Ukraine steps toward EU membership, Russia advances
HISTORY: Unfurling a 30-metre flag in front of the European Parliament, lawmakers and Ukrainians took a moment to give Ukraine candidate status to the European Union on Thursday (June 23).
It's a move that will boost the country's morale as the battle with Russian troops for two eastern cities reaches a bloody climax.
The approval of the Kiev government's request by EU leaders in Brussels is just the beginning of a process that will last for years.
But it marks a huge geopolitical shift that will anger Russia as it struggles to impose itself on its neighbor.
On Wednesday (June 22), Ukrainian President Zelenskyy said he had been in contact with several European leaders to bolster support.
“Since this morning I have continued the phone marathon to make a positive decision about the candidacy for Ukraine. Today – 11 guides. Tomorrow I will continue a similar marathon - we must secure maximum support for our state.”
As of Friday, it has been four months since Russian President Vladimir Putin sent troops across the border in what he calls a "special military operation."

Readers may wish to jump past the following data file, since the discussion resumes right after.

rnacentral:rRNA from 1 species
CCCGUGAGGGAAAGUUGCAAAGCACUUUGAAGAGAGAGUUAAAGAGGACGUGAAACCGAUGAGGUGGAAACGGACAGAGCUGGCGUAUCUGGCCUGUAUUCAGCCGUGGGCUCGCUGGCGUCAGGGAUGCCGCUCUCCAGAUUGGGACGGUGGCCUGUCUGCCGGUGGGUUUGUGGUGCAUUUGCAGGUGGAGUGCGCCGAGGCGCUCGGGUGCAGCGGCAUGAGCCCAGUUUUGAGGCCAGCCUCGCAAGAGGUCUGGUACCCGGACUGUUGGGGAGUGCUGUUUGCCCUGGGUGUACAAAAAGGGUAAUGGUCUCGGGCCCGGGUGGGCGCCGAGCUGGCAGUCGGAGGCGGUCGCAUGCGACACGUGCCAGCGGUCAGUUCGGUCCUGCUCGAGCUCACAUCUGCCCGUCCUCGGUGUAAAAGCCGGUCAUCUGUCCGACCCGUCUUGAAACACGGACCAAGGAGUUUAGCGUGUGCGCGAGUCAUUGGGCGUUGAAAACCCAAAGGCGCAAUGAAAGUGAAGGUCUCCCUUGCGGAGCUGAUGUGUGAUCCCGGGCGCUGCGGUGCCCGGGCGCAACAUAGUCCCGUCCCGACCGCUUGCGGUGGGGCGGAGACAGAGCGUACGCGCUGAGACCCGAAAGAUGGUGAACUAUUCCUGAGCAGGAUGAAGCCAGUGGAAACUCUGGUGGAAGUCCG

Russia has partially justified the action by citing Western encroachment on what Russia considers its sphere of influence.
The West sees this as an unjustified war of aggression by Russia.
The war of attrition in Donbass in eastern Ukraine is most critical in the twin cities of Sievierodonetsk and Lysychansk, on opposite sides of the Siverskyi Donets River in Luhansk province.
Russian news agency RIA Novosti released this footage late Wednesday, which is said to be about fighting in the Lysychansk area.
An aide to Zelenskyi said the fight there was "reaching some sort of frightening climax."
Russian forces tried to encircle Ukrainian troops defending Lysychansk, a Ukrainian defense official said Thursday.
The Luhansk governor separately said that all of Lysyhansk was within range of Russian fire, and Ukrainian troops there could retreat to new positions so as not to be trapped.
Selenskyj is scheduled to speak at the NATO summit next week.
On Thursday, the organization's Secretary General, Jens Stoltenberg, promised further help.
“We will make further decisions to support Ukraine and other vulnerable partners, including a comprehensive aid package for Ukraine. I welcome that President Zelenskyy will be addressing the leaders at our summit. We will improve burden sharing by investing more in defense to do more together."
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